‘Resilient to change’ is definitely wrong, actually – it implies resistance, that change is a force which acts against the work when, actually: a good piece of theatre anticipates change. Or, no: a good piece of theatre is change. A quote I have heard attributed to Pina Bausch: ‘Meaning comes from disrupting the pattern.’
Imagine sitting through a piece of theatre and emerging unchanged out the other side. Imagine art which failed to add to our experience of life. When I started my evening, I had fewer thoughts about ropes. And here’s the good part – the piece of theatre is changed by the audience too! When the show Went Wrong, it in fact Carried On, and everything was fine because the audience willed it to be so, and the misbehaving rope became PART OF the evening and actually, MY FAVOURITE PART. Oh sure I liked the scheduled proceedings a lot but the rope proved something to me about WHY we’re all sitting in these rooms together.
Now, the revolution? The revolution doesn’t go according to plan, and it relies on the collective will of its members to succeed. Which in the case of this metaphor is how theatre and live audiences work together. If there is a watertight plan, there is no revolution. Revolting, like theatre, relies on improvisation.
Have you learned your lesson?
Ryszard Kapuściński: ‘A crowd… reduces the individuality of the person… The forms through which a crowd can express its yearnings are extraordinarily meagre and continually repeat themselves: the demonstration, the strike, the rally, the barricades.’ The theatre audience, too, is a chorus of reduced persons. We each have a Seat Which Belongs To Us. We each (on the whole) do not want to interrupt the performance, but are happy to grant our laughter, our applause, sporadic (sanctioned) jeering.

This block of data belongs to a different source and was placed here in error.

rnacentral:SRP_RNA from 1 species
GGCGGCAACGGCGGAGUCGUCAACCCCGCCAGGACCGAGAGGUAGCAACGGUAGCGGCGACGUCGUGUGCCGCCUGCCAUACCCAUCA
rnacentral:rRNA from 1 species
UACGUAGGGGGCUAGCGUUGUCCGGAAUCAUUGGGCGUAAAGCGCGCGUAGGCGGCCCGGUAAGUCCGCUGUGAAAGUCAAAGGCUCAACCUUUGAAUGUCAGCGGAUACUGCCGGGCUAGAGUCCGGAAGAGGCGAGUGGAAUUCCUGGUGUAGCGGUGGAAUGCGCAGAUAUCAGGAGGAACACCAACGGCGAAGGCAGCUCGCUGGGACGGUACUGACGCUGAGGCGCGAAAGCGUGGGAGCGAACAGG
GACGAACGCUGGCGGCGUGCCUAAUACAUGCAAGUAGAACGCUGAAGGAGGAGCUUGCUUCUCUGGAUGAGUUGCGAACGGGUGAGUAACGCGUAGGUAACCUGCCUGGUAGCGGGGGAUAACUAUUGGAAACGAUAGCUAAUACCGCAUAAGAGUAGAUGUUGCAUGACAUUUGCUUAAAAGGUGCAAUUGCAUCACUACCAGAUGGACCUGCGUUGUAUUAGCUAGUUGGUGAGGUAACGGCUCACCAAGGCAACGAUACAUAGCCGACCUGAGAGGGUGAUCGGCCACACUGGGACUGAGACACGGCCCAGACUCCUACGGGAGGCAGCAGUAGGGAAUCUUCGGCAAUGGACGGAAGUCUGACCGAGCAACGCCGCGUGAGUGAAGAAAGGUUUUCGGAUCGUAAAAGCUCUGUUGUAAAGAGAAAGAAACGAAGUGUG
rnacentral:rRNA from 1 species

What then is the point of all this theatre? Where do we go, how do we change when we sit down and become the audience for, for example, No Pay? No Way! at the Royal Exchange? The question I’m really thinking about is are we here to learn anything? Do we expect the theatre to challenge us or educate us or reshape us in some way? Yes, but not really? When we transform into the audience and then back again do we retain a trace of the collective, or was the spirit of the audience always inside of us, dormant, waiting to be summoned?
I find I easier to imagine a play changing someone else’s mind rather than my own.
In the same passage as above, Kapuściński adds, ‘If the crowd disperses, goes home, does not reassemble, we say that the revolution is over.’ SO TOO WITH THE THEATRE. When the audience is dispersed, the theatre is over. When we no longer make audiences, we will no longer make theatre. But of course that doesn’t preclude us making something new.
No Pay? No Way! is sympathetic to revolution. The inciting event in the supermarket, scores of women refusing to pay for their overpriced groceries, is a moment of revolution which springs, unplanned, unbidden, from the weary spiritus mundi. The revolution is inevitable and it summons itself when material conditions are untenable. The play’s heroes, most notably Antonia and Margherita, are indisputably revolutionaries. Crucially, they likely did not see themselves as revolutionaries until the revolution began. Antonia’s husband Giovanni is a chump – he is constantly narrowly missing the point, the epitome of extremely wrong but incredibly close. He has an ideological aversion to theft when we encounter him, misunderstanding the ur-theft which is taking place when he works all day at a factory making food, only to be paid barely enough money to keep himself alive.
No Pay? No Way! is sympathetic to revolution because its revolution is just and is carried forward by the protagonists as the play ends. Tonight is only the beginning.
Now, is ‘sympathetic to revolution’ enough? Well of course it isn’t enough! Anything short of ACTUAL revolution isn’t ‘enough’! What do I want from theatre? Well, for one thing I want to have a fucking nice time sometimes and I want at LEAST (here it is, the lowest fucking bar) to see pieces of theatre which would be disturbing to fascists. And so ‘sympathetic to revolution’ does that work, tonight, for me.
I do believe – on a deep level, not just a story I am telling myself – I do believe that theatre, art, is necessary. Necessary but far, far from sufficient. We will make the world better and we will make the world better while making art.
I don’t want the Royal Exchange to contribute to the revolution in any meaningful way. I don’t think any post-revolutionary future includes the Royal Exchange in its current form anyway – if I am imagining the revolution, I am imagining the world made entirely anew. There are many things which will die in the coming of the world after this one. But if the revolution has the Exchange’s sympathy, perhaps one day we can make use of its bones.